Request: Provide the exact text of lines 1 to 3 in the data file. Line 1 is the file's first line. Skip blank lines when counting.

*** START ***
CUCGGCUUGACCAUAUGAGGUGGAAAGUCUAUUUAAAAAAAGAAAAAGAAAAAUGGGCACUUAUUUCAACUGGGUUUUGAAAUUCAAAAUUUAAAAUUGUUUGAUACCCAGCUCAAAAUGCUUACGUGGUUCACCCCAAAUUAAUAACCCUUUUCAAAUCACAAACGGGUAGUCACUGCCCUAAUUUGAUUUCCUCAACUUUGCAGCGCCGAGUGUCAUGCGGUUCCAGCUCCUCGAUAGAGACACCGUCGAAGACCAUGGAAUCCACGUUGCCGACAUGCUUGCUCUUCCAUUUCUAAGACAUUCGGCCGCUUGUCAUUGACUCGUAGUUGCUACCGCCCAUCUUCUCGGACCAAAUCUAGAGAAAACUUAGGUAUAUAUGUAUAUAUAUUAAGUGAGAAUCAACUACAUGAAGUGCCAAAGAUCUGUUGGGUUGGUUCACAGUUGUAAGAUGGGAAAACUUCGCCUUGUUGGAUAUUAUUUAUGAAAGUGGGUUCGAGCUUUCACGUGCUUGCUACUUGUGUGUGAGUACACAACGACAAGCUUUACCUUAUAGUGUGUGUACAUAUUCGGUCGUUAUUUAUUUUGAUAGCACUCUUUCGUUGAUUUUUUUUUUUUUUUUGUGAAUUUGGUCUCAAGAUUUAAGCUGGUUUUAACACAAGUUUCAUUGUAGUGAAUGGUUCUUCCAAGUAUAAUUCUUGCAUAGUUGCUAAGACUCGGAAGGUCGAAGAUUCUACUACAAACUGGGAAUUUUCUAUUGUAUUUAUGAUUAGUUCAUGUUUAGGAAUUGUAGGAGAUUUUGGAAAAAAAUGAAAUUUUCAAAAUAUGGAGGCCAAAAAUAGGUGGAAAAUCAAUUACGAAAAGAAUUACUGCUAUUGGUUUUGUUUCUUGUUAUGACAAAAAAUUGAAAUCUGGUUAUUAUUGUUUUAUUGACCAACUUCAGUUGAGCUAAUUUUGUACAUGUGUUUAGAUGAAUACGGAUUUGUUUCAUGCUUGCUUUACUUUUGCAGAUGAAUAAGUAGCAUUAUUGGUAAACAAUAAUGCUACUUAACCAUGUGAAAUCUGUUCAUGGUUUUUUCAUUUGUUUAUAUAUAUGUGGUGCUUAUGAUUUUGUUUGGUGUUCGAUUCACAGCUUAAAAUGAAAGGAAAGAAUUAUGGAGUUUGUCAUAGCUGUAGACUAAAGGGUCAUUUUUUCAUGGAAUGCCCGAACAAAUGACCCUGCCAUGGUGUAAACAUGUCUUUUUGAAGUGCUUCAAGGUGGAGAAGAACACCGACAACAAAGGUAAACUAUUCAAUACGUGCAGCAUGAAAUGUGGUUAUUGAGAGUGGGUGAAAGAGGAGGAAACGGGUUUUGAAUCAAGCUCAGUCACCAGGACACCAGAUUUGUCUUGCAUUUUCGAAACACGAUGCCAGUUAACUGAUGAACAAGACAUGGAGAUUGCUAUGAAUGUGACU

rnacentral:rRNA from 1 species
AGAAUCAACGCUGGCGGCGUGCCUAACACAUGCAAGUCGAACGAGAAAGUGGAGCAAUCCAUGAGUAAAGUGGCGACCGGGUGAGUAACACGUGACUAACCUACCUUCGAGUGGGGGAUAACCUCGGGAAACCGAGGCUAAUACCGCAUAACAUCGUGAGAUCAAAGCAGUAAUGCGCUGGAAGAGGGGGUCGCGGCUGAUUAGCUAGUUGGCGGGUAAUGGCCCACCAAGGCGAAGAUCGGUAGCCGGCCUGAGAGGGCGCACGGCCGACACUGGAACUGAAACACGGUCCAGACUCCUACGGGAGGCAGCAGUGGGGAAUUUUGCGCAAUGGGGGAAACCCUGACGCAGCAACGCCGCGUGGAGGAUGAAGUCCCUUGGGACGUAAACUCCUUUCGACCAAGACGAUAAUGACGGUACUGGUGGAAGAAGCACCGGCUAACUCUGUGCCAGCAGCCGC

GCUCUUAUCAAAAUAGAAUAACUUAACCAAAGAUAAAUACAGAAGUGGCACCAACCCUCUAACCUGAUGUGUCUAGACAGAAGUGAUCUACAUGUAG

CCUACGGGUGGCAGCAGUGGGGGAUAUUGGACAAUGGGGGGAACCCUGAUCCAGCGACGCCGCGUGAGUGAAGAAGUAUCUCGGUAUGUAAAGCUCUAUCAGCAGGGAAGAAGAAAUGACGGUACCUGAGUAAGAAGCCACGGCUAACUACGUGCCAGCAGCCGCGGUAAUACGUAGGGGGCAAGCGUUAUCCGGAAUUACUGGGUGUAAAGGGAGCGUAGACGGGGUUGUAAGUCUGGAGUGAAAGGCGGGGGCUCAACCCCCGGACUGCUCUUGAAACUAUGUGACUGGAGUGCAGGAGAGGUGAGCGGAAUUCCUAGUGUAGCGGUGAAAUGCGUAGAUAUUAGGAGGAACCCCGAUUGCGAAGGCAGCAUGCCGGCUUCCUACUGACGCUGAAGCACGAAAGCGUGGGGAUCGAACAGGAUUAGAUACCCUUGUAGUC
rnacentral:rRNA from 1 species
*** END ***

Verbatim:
CUCGGCUUGACCAUAUGAGGUGGAAAGUCUAUUUAAAAAAAGAAAAAGAAAAAUGGGCACUUAUUUCAACUGGGUUUUGAAAUUCAAAAUUUAAAAUUGUUUGAUACCCAGCUCAAAAUGCUUACGUGGUUCACCCCAAAUUAAUAACCCUUUUCAAAUCACAAACGGGUAGUCACUGCCCUAAUUUGAUUUCCUCAACUUUGCAGCGCCGAGUGUCAUGCGGUUCCAGCUCCUCGAUAGAGACACCGUCGAAGACCAUGGAAUCCACGUUGCCGACAUGCUUGCUCUUCCAUUUCUAAGACAUUCGGCCGCUUGUCAUUGACUCGUAGUUGCUACCGCCCAUCUUCUCGGACCAAAUCUAGAGAAAACUUAGGUAUAUAUGUAUAUAUAUUAAGUGAGAAUCAACUACAUGAAGUGCCAAAGAUCUGUUGGGUUGGUUCACAGUUGUAAGAUGGGAAAACUUCGCCUUGUUGGAUAUUAUUUAUGAAAGUGGGUUCGAGCUUUCACGUGCUUGCUACUUGUGUGUGAGUACACAACGACAAGCUUUACCUUAUAGUGUGUGUACAUAUUCGGUCGUUAUUUAUUUUGAUAGCACUCUUUCGUUGAUUUUUUUUUUUUUUUUGUGAAUUUGGUCUCAAGAUUUAAGCUGGUUUUAACACAAGUUUCAUUGUAGUGAAUGGUUCUUCCAAGUAUAAUUCUUGCAUAGUUGCUAAGACUCGGAAGGUCGAAGAUUCUACUACAAACUGGGAAUUUUCUAUUGUAUUUAUGAUUAGUUCAUGUUUAGGAAUUGUAGGAGAUUUUGGAAAAAAAUGAAAUUUUCAAAAUAUGGAGGCCAAAAAUAGGUGGAAAAUCAAUUACGAAAAGAAUUACUGCUAUUGGUUUUGUUUCUUGUUAUGACAAAAAAUUGAAAUCUGGUUAUUAUUGUUUUAUUGACCAACUUCAGUUGAGCUAAUUUUGUACAUGUGUUUAGAUGAAUACGGAUUUGUUUCAUGCUUGCUUUACUUUUGCAGAUGAAUAAGUAGCAUUAUUGGUAAACAAUAAUGCUACUUAACCAUGUGAAAUCUGUUCAUGGUUUUUUCAUUUGUUUAUAUAUAUGUGGUGCUUAUGAUUUUGUUUGGUGUUCGAUUCACAGCUUAAAAUGAAAGGAAAGAAUUAUGGAGUUUGUCAUAGCUGUAGACUAAAGGGUCAUUUUUUCAUGGAAUGCCCGAACAAAUGACCCUGCCAUGGUGUAAACAUGUCUUUUUGAAGUGCUUCAAGGUGGAGAAGAACACCGACAACAAAGGUAAACUAUUCAAUACGUGCAGCAUGAAAUGUGGUUAUUGAGAGUGGGUGAAAGAGGAGGAAACGGGUUUUGAAUCAAGCUCAGUCACCAGGACACCAGAUUUGUCUUGCAUUUUCGAAACACGAUGCCAGUUAACUGAUGAACAAGACAUGGAGAUUGCUAUGAAUGUGACU

rnacentral:rRNA from 1 species
AGAAUCAACGCUGGCGGCGUGCCUAACACAUGCAAGUCGAACGAGAAAGUGGAGCAAUCCAUGAGUAAAGUGGCGACCGGGUGAGUAACACGUGACUAACCUACCUUCGAGUGGGGGAUAACCUCGGGAAACCGAGGCUAAUACCGCAUAACAUCGUGAGAUCAAAGCAGUAAUGCGCUGGAAGAGGGGGUCGCGGCUGAUUAGCUAGUUGGCGGGUAAUGGCCCACCAAGGCGAAGAUCGGUAGCCGGCCUGAGAGGGCGCACGGCCGACACUGGAACUGAAACACGGUCCAGACUCCUACGGGAGGCAGCAGUGGGGAAUUUUGCGCAAUGGGGGAAACCCUGACGCAGCAACGCCGCGUGGAGGAUGAAGUCCCUUGGGACGUAAACUCCUUUCGACCAAGACGAUAAUGACGGUACUGGUGGAAGAAGCACCGGCUAACUCUGUGCCAGCAGCCGC